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appear arms Attendants bear better blood bring brother character comes Corn course daughter dead death doth Enter Exeunt eyes fall father fear feel folio follow Fool fortune Gent give gods grace hand hast hath head hear heart heaven hold honour I'll Italy keep Kent kind king lady Lear leave less live look lord Lucius madam master means mind nature never night noble old copies Pericles person play poor Post pray present prince quartos queen reason Roman Rome SCENE seems seen sense Shakespeare sons speak speech stand sweet tears tell thee thing thou thought Titus true turn villain wanting
Page 562 - I'll kneel down And ask of thee forgiveness: so we'll live, And pray, and sing, and tell old tales, and laugh At gilded butterflies, and hear poor rogues Talk of court news; and we'll talk with them too, — Who loses and who wins; who's in, who's out; — And take...
Page 488 - If it be you that stir these daughters' hearts Against their father, fool me not so much To bear it tamely ; touch me with noble anger ! O, let not women's weapons, water-drops, Stain my man's cheeks! — No, you unnatural hags, I will have such revenges on you both, That all the world shall — I will do such things, — What they are, yet I know not ; but they shall be The terrors of the earth.
Page 556 - Lear. Be your tears wet ? yes, faith. I pray, weep not : If you have poison for me, I will drink it. I know you do not love me ; for your sisters Have, as I do remember, done me wrong : You have some cause, they have not. Cor. No cause, no cause.
Page 555 - How does my royal lord? How fares your majesty? Lear. You do me wrong to take me out o' the grave: — Thou art a soul in bliss; but I am bound Upon a wheel of fire, that mine own tears Do scald like molten lead.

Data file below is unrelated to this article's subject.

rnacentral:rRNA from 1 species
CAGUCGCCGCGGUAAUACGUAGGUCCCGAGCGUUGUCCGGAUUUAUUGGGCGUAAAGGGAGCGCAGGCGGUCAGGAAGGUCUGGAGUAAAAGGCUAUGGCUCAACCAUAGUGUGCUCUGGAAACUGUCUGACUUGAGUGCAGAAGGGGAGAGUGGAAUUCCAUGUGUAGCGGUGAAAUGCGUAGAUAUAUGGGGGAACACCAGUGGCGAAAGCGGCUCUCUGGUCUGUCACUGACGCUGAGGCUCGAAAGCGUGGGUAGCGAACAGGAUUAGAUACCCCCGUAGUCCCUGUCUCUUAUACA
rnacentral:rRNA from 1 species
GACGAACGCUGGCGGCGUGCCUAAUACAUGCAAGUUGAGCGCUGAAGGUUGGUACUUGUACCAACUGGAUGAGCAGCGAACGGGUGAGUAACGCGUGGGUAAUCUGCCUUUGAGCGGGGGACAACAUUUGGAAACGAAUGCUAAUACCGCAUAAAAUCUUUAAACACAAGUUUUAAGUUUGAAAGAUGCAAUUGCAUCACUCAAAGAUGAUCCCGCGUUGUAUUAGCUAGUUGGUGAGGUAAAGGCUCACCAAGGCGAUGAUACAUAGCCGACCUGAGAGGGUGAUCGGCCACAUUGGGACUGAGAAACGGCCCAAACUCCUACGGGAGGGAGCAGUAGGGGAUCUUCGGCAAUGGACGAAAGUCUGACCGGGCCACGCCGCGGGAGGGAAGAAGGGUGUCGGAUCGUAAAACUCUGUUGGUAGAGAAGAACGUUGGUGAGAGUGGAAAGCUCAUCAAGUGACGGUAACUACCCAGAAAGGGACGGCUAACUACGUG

Page 434 - This is the excellent foppery of the world, that, when we are sick in fortune, — often the surfeit of our own behaviour, — we make guilty of our disasters the sun, the moon, and the stars: as if we were villains by necessity; fools by heavenly compulsion; knaves, thieves, and treachers, by spherical predominance; drunkards, liars, and adulterers, by an enforced obedience of planetary influence; and all that we are evil in, by a divine thrusting on: an admirable evasion of whoremaster man, to...
Page 556 - And, to deal plainly, I fear I am not in my perfect mind. Methinks I should know you and know this man; Yet I am doubtful; for I am mainly ignorant What place this is, and all the skill I have Remembers not these garments; nor I know not Where I did lodge last night. Do not laugh at me; For, as I am a man, I think this lady To be my child Cordelia.
Page 540 - tis, to cast one's eyes so low ! The crows and choughs that wing the midway air Show scarce so gross as beetles : half way down Hangs one that gathers samphire, dreadful trade! Methinks he seems no bigger than his head : The fishermen, that walk upon the beach, Appear like mice ; and yond...
Page 90 - tis slander, Whose edge is sharper than the sword ; whose tongue Outvenoms all the worms of Nile ; whose breath Rides on the posting winds, and doth belie All corners of the world : kings, queens, and states, Maids, matrons, nay, the secrets of the grave This viperous slander enters.
Page 124 - Fear no more the frown o' the great: Thou art past the tyrant's stroke. Care no more to clothe and eat; To thee the reed is as the oak: The sceptre, learning, physic, must All follow this, and come to dust.
Page 493 - Blow, winds, and crack your cheeks ! rage ! blow ! You cataracts and hurricanoes, spout Till you have drench'd our steeples, drown'd the cocks ! You sulphurous and thought-executing fires, Vaunt-couriers of oak-cleaving thunderbolts, Singe my white head ! And thou, all-shaking thunder, Strike flat the thick rotundity o' the world ! Crack nature's moulds, all germens spill at once That make ingrateful man ! 9 Fool.